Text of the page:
'The ponies on our farm all get new rugs and shoes long before the people get any new clothes!' so said eight year old Emily to her mother. She was quite right, of course.
Little Australian Pony Girl is the true story about an Australian childhood, where animals and hard work come first and people take second place.
Read alsoStar Time
In the fourth book in the Zigzag Kids series, it's showtime at the Zelda A. Zigzag Afternoon Center. Gina loves to sing and she's determined to be the star of the play. She's already told everybody she knows to come see her. But her friend Destiny wants to be the star, too!From the Hardcover edition.
Emily is the third generation of a family whose lives have been bound up in animals, especially horses, in different parts of Australia. With one grandfather a professional horse breaker and race horse trainer, her father a professional jockey at sixteen years old and a mother whose teenage years were spent on horseback, it is not suprising that Emily can never recall a time when she could not ride.
This fascinating tale is told by young Emily and moves through the amazing range of happenings that make up both her life, and the life of her family. Horses and ponies may play the major role in Emily’s life but it is by no means a one sided childhood. Emily is a musical child who plays the flute, taking weekly lessons. Like her mother and grandmother, she sews, knits, and enjoys craft work.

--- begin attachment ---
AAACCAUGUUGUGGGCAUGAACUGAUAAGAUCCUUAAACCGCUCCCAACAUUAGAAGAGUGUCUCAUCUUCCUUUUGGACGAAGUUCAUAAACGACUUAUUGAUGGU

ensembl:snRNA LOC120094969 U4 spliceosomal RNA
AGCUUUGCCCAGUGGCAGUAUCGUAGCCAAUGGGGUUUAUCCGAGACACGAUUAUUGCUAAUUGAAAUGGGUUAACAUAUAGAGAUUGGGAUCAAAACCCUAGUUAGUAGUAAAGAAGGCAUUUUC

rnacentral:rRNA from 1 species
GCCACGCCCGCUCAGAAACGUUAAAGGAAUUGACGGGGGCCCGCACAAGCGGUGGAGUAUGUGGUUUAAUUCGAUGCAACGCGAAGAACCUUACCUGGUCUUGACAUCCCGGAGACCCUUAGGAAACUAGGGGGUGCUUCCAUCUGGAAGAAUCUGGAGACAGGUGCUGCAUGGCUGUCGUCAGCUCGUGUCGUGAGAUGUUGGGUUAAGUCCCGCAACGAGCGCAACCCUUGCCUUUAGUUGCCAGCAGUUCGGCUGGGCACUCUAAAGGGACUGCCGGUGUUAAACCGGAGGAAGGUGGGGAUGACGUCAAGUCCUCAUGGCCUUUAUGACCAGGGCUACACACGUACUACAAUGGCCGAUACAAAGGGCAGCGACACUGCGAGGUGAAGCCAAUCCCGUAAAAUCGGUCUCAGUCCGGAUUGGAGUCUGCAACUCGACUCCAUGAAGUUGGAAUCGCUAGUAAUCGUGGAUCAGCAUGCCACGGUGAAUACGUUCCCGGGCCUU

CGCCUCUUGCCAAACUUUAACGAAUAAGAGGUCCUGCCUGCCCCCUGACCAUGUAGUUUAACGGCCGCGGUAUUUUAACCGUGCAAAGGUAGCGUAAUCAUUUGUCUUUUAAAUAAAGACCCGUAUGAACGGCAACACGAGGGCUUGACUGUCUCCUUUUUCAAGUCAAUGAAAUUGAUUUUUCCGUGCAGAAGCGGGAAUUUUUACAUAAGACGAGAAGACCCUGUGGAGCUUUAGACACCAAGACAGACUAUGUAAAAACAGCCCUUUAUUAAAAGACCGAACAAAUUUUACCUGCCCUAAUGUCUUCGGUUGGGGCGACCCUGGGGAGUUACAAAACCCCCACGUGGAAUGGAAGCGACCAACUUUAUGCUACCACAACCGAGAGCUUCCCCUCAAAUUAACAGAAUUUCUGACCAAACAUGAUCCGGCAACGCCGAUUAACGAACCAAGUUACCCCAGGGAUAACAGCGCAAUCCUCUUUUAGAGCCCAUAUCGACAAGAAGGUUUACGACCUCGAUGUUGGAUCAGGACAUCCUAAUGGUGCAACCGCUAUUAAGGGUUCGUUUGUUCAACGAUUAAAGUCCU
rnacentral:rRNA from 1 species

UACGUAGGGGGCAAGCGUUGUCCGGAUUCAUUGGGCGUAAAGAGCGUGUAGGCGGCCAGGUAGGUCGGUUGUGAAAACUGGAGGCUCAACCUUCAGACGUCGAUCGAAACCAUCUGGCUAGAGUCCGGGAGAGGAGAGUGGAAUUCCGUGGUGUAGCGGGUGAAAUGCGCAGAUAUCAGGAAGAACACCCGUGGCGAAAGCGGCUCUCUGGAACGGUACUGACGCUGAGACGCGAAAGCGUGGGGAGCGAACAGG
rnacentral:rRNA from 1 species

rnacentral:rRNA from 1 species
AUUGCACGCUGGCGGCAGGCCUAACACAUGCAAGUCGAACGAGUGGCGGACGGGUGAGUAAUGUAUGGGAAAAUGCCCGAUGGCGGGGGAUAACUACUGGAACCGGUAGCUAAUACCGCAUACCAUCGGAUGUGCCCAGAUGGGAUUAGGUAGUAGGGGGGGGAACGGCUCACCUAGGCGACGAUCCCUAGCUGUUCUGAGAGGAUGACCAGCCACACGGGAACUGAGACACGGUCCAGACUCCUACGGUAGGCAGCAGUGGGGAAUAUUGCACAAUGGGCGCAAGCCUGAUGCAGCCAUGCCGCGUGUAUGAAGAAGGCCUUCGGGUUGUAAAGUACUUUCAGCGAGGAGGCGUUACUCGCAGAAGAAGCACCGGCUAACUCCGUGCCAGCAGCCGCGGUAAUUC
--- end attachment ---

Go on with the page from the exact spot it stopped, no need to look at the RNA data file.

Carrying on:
Emily's young life touches on a wide range of people and places. We see her at home on the family farm, learning that animals mean hard work and always come before people; she takes us to the North Queensland property of Rocking Vee which is owned by her grandparents; we hear all about her first meeting with Dodo the donkey; she tells us how the wild brumby horses of North Queensland became part of her father's own childhood; we learn of the family involvement in Riding for the Disabled; we can see Emily's delight in a father who was once a professional jockey shining through two chapters; there is the pleasure of a newly born foal and the joys of training him for his first show; the list goes on and on and it is hard to believe how much has been packed into Emily's short life.
To many people, this is the sort of life that only happens in story books. I have lost count of the number of times people have approached me whilst I was holding a horse or pony and asked if their children could come closer: these children had never even seen a real live horse or pony.
From sheep to saddles; rodeos to racing; brumbies to bridles; ponies to places: this is an Australian childhood at its best. Unfortunately, the type of childhood portrayed in Little Australian Pony Girl, is becoming an increasing rarity in our rapidly changing country of today.